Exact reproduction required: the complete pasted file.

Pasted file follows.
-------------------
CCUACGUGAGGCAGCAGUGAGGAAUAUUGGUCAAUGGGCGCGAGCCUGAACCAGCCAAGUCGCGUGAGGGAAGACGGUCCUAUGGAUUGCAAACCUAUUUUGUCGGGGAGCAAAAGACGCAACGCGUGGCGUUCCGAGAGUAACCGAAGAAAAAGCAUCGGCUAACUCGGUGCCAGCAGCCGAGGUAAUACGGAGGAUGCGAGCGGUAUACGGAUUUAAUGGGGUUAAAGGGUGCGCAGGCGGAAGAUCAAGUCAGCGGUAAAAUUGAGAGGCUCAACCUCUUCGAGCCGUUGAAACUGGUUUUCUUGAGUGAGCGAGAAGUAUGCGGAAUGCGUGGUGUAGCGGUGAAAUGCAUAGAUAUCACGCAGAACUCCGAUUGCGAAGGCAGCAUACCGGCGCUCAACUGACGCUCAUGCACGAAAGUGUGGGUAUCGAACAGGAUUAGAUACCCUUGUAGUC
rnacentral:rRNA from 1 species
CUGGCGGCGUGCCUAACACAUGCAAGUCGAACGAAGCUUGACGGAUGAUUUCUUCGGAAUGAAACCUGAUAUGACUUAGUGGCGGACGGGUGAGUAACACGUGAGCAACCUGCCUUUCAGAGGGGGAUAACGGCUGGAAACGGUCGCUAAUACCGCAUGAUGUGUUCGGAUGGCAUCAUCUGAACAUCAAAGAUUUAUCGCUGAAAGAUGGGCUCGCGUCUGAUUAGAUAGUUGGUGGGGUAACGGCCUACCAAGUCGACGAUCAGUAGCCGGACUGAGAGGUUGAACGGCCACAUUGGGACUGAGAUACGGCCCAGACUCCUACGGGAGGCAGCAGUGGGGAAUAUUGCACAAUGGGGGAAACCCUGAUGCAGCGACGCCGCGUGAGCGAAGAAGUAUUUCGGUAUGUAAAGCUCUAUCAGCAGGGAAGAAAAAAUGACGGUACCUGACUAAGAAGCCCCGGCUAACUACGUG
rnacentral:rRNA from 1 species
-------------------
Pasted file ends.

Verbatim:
CCUACGUGAGGCAGCAGUGAGGAAUAUUGGUCAAUGGGCGCGAGCCUGAACCAGCCAAGUCGCGUGAGGGAAGACGGUCCUAUGGAUUGCAAACCUAUUUUGUCGGGGAGCAAAAGACGCAACGCGUGGCGUUCCGAGAGUAACCGAAGAAAAAGCAUCGGCUAACUCGGUGCCAGCAGCCGAGGUAAUACGGAGGAUGCGAGCGGUAUACGGAUUUAAUGGGGUUAAAGGGUGCGCAGGCGGAAGAUCAAGUCAGCGGUAAAAUUGAGAGGCUCAACCUCUUCGAGCCGUUGAAACUGGUUUUCUUGAGUGAGCGAGAAGUAUGCGGAAUGCGUGGUGUAGCGGUGAAAUGCAUAGAUAUCACGCAGAACUCCGAUUGCGAAGGCAGCAUACCGGCGCUCAACUGACGCUCAUGCACGAAAGUGUGGGUAUCGAACAGGAUUAGAUACCCUUGUAGUC
rnacentral:rRNA from 1 species
CUGGCGGCGUGCCUAACACAUGCAAGUCGAACGAAGCUUGACGGAUGAUUUCUUCGGAAUGAAACCUGAUAUGACUUAGUGGCGGACGGGUGAGUAACACGUGAGCAACCUGCCUUUCAGAGGGGGAUAACGGCUGGAAACGGUCGCUAAUACCGCAUGAUGUGUUCGGAUGGCAUCAUCUGAACAUCAAAGAUUUAUCGCUGAAAGAUGGGCUCGCGUCUGAUUAGAUAGUUGGUGGGGUAACGGCCUACCAAGUCGACGAUCAGUAGCCGGACUGAGAGGUUGAACGGCCACAUUGGGACUGAGAUACGGCCCAGACUCCUACGGGAGGCAGCAGUGGGGAAUAUUGCACAAUGGGGGAAACCCUGAUGCAGCGACGCCGCGUGAGCGAAGAAGUAUUUCGGUAUGUAAAGCUCUAUCAGCAGGGAAGAAAAAAUGACGGUACCUGACUAAGAAGCCCCGGCUAACUACGUG
rnacentral:rRNA from 1 species